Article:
Thursday, June 20, 2013

Snail's Pace

I've been plucking away at my DoT manuscript, and I have concluded that I am the SLOWEST writer in the history of writers.  I just looked it up on my old blog and found that I started writing this novel on June 6, 2011.  TWO years ago!  Is this normal?  I feel like other writers are creative geniuses--they get an idea and run with it, burning the midnight oil in a writing frenzy until they have their entire story purged on paper (or screen).  If I ever do get this thing published, I hope my readers like being in a state of static anticipation, because it will be another twelve years before the sequel comes out.

But--I AM moving forward, and here's where I'm at!  (<--even a slug can be proud when it spends all day sliding forward five inches):

The last time I posted a word count was here at Ocean in a Cup, and I was at 23,427.  So I've officially added 10,000+ words over summer.   I now have almost nine chapters, but I am still missing chapter 5.  My current goal is to fill in the much-dreaded-chapter-5-hole in the next couple of weeks.  It's a tricky little bastard, because the more I try to fill it in, the larger it gets.  It's a hard phenomenon to explain...writing doesn't always follow scientific principles.  But that hole has become like this big mocking thing that likes to taunt me with its omni-holeness.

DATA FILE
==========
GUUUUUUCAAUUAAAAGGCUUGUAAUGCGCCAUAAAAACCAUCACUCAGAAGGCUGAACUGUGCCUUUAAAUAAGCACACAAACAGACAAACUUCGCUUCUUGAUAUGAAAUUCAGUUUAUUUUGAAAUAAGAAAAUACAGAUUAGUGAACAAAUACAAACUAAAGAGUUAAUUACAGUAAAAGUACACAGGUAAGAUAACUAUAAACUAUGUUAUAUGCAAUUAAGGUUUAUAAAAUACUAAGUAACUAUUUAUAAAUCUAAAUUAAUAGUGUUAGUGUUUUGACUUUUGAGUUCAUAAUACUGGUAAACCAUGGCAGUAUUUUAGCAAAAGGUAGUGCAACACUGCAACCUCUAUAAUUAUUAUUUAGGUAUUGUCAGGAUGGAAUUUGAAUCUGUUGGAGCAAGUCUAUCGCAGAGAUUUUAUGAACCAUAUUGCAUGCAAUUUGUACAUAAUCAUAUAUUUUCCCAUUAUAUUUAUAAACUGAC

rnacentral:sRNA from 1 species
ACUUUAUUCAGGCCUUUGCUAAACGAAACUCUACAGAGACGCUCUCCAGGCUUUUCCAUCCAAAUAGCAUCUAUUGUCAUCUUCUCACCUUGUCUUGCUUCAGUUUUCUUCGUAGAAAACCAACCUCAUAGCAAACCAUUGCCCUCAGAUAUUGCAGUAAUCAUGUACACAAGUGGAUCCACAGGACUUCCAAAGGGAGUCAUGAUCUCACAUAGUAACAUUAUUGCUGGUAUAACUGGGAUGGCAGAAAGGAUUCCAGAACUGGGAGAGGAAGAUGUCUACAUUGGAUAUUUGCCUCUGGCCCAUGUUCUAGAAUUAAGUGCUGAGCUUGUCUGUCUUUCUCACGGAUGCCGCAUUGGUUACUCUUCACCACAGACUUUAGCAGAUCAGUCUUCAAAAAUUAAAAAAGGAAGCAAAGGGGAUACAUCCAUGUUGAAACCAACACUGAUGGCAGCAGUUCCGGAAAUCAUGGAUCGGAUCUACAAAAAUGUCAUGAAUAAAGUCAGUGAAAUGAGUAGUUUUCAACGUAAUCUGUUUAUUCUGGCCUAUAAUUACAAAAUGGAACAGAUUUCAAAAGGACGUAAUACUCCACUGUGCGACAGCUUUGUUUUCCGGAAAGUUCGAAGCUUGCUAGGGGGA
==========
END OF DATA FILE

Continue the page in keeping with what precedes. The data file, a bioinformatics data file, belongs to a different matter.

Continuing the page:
On a semi-related (but not really) topic, I drove up the mountain to take my 15 year old niece Cassidi out to lunch today.  She is such an awesome kid, and I never get to spend one-on-one time with her.  We talked for three-and-a-half hours--mainly about "girl stuff."  She's a fun-spirited teen with the emotional maturity of an adult, so it's often easy to forget that she's not one, and honestly, I enjoy talking to her more than most adults.  But she also picked my brain about my manuscript, which was very cool (I don't get opportunities to talk about it much).  She has been so excited about my book, which gets me excited about it because a) her enthusiasm is contagious and b) her age group is my target audience.  She also gave me tips today about what NOT to put in the book (i.e. "Don't put a scene where the main character is describing her attractive features in a mirror but pretending she doesn't think she's pretty--that's so annoying").  What trips me out the most about writing a book is the people in your life who emerge as your biggest support system.  I always expected Clint and Shan to root me on (although the quantity of their encouragement is staggering).  And of course, my grandpa.  But a sixty-some year-old retired teacher from my work?  Or my 15 year old niece?  Or others, who emerge from the woodwork every now and then to cheer me on from a distance?  Those are the ones that take me by surprise.